State President Raimonds Vējonis, in opening the debate, acknowledged that much work was needed to ensure that society and politicians remain robust against false news at a high level.
"False news is one of the strongest modern weapons which is constantly being deployed in the struggle for the hearts and minds of the people of Latvia," said the President, pointing out that it is necessary to cultivate a critical society and find a way to improve the quality of the information environment.
Special guest at the event was researcher at the Institute for International Relations in Prague, the coordinator of the European Security Center, Marc Galeotti, who told his audience many people consider themselves to be too smart to fall for fake news when in fact they are not - though whether any of the audience of politicians, journalists and officials would fall into that category is an interesting question.
One useful take-away from todays' great discussion hosted by @Rigas_pils on threat of #FakeNews - local assessments of threat posed by #Russia balanced and nuanced, devoid of hysteria we sometimes see in other quarters. V encouraginghttps://t.co/0gyDRaQ9vh— Mark Galeotti (@MarkGaleotti) December 6, 2017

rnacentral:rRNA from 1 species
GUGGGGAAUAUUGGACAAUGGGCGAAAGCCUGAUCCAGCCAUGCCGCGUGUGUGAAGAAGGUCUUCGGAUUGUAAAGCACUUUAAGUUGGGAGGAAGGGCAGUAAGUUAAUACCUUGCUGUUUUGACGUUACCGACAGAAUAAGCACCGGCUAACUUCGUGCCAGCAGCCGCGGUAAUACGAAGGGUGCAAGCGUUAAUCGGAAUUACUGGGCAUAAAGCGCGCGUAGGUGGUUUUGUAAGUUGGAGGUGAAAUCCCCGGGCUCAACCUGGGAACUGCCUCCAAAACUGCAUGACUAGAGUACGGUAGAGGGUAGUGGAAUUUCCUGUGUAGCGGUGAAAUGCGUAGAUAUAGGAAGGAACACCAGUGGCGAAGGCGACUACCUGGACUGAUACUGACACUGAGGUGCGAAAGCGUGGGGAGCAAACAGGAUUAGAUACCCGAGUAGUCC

Galeotti pointed out that splitting the public and demoralizing the population Russia is attempting to influence society in the West while emphasizing the need to educate the public to be able to exercise its critical faculties in a variety of different situations, not only overt disinformation campaigns.
Other speakers at the event included Director of NATO Strategic Communications Center of Excellence Jānis Sārts and the Center for European Policy Analysis' Latvia expert Martins Kaprāns.